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A Broken Promise in Texas: Race, the Death Penalty and the Duane Buck Case
President and Director-Counsel
Within the last year John Payton, the sixth President and Director-Counsel of the NAACP Legal Defense and Educational Fund, has led the organization’s involvement in five cases before the U.S. Supreme Court. Two of those cases, in which LDF was either lead counsel or co-counsel, produced critical victories in the areas of voting rights (Northwest Austin Municipal Utility District Number One v. Holder) and employment discrimination (Lewis v. the City of Chicago). It was not surprising, then, that given his record of involvement in civil rights cases before taking the LDF post, earlier this spring the National Law Journal named John Payton one of the most influential civil rights attorneys of the last decade and the Washington (D.C.) Bar Association awarded him the Charles Hamilton Houston Medallion of Merit. This burst of activity by the country’s first and finest civil rights law firm since its founding by Thurgood Marshall describes both its institutional mission and John Payton’s lifelong personal commitment: to be an advocate for justice, equality and a true democracy for everyone.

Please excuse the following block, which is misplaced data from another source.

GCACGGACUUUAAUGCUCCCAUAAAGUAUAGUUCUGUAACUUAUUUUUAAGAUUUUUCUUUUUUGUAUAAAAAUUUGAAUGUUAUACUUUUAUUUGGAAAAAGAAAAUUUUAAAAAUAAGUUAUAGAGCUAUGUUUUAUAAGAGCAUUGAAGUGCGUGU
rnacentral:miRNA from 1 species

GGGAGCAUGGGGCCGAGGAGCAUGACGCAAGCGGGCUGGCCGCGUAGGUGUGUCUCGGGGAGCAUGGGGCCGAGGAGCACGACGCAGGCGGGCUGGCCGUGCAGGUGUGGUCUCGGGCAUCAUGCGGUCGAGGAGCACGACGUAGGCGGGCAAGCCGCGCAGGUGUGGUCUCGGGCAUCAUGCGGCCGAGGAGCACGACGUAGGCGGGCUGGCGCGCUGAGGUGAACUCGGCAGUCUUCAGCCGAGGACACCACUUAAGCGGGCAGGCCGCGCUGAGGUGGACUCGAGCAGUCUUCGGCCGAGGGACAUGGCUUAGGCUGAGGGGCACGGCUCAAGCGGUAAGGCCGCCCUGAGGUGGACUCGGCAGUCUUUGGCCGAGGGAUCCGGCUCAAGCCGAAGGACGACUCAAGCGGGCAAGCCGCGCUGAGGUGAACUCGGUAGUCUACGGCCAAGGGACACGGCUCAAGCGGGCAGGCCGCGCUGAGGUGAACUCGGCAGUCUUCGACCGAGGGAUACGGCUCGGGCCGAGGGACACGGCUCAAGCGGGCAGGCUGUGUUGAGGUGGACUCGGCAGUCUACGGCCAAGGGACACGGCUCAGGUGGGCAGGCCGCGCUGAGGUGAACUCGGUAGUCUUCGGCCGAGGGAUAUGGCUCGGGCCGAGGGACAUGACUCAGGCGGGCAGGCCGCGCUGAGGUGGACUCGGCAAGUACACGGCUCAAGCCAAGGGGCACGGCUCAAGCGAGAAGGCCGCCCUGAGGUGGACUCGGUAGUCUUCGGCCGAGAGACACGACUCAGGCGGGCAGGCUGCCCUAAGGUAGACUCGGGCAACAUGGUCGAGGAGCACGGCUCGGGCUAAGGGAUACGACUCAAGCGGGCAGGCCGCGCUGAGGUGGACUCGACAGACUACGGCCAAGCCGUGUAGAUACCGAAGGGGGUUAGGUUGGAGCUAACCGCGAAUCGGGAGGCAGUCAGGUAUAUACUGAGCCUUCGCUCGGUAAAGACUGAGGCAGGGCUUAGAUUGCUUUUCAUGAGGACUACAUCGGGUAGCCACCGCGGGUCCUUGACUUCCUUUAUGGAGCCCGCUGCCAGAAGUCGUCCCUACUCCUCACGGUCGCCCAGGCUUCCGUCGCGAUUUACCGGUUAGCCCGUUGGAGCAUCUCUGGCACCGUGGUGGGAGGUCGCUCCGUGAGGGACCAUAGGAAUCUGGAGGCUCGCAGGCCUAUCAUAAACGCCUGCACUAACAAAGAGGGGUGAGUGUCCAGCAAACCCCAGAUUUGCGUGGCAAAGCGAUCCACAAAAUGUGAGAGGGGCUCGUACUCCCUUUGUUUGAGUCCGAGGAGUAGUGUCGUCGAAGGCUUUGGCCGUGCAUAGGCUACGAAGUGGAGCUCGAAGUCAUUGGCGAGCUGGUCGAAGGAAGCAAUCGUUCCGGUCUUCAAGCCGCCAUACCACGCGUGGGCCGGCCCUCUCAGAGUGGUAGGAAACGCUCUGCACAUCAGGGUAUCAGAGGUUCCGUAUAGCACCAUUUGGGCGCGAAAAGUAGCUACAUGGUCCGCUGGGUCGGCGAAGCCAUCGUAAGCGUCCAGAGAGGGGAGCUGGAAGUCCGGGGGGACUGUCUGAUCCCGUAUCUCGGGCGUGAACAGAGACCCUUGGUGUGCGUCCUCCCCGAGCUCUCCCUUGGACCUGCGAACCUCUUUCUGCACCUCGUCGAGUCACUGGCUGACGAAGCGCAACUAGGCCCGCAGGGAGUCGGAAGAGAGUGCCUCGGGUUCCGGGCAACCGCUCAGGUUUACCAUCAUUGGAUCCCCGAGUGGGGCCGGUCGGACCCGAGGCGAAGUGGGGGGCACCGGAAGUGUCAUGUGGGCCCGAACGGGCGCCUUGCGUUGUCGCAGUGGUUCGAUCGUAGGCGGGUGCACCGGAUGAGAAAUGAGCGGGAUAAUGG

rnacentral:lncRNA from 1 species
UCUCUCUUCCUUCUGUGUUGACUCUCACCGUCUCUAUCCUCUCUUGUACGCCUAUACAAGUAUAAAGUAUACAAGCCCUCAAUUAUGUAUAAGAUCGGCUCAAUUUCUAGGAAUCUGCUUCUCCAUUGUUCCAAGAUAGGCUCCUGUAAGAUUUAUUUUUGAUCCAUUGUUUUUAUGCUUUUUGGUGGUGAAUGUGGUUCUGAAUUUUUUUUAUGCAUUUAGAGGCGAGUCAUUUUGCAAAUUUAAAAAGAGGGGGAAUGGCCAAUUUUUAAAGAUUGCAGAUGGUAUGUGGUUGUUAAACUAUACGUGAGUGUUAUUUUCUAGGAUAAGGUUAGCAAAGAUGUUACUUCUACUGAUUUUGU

Prior to his appointment, Mr. Payton had been a partner at the Washington firm of Wilmer, Cutler, Pickering, Hale and Dorr. His practice there ranged from complex commercial matters to the most challenging of civil rights matters. He was the lead counsel for the University of Michigan in successfully defending the use of race in the admissions process at its undergraduate college and at its law school. Mr. Payton handled these two high-profile cases in the trial court, in the court of appeals and argued Gratz v. Bollinger in the Supreme Court. The Supreme Court's 2003 decision represented the vindication of a strategy, devised and implemented over more than six years, to build a case to support the educational benefits of diversity. Inaddition to the Universityof Michigan cases, he has extensive civil rights experience including defending the use of race-based measures to address continuing problems in our society. In March, Mr. Payton was selected by the National Law Journal as one of the last decade’s most influential lawyers in the area of civil rights.
From 1991 to 1994, Mr. Payton served as the Corporation Counsel of the District of Columbia. He headed the firm's Litigation Department from 1998 to 2000. Mr. Payton served as president of the District of Columbia Bar from June 2001 to June 2002. Mr. Payton has taught as a visiting professor at Harvard Law School and at the Georgetown Law Center. During the spring of 2007, he taught a course on "The Constitution and Democracy" at Howard University Law School, and was named the James Nabrit, Jr. Visiting Professor of Constitutional Law. He is a member of the American Law Institute and a Fellow of the American Bar Foundation. In addition, he is a Master in the Edward Coke Appellate Inn of Court.
Mr. Payton is a graduate of Pomona College and Harvard Law School.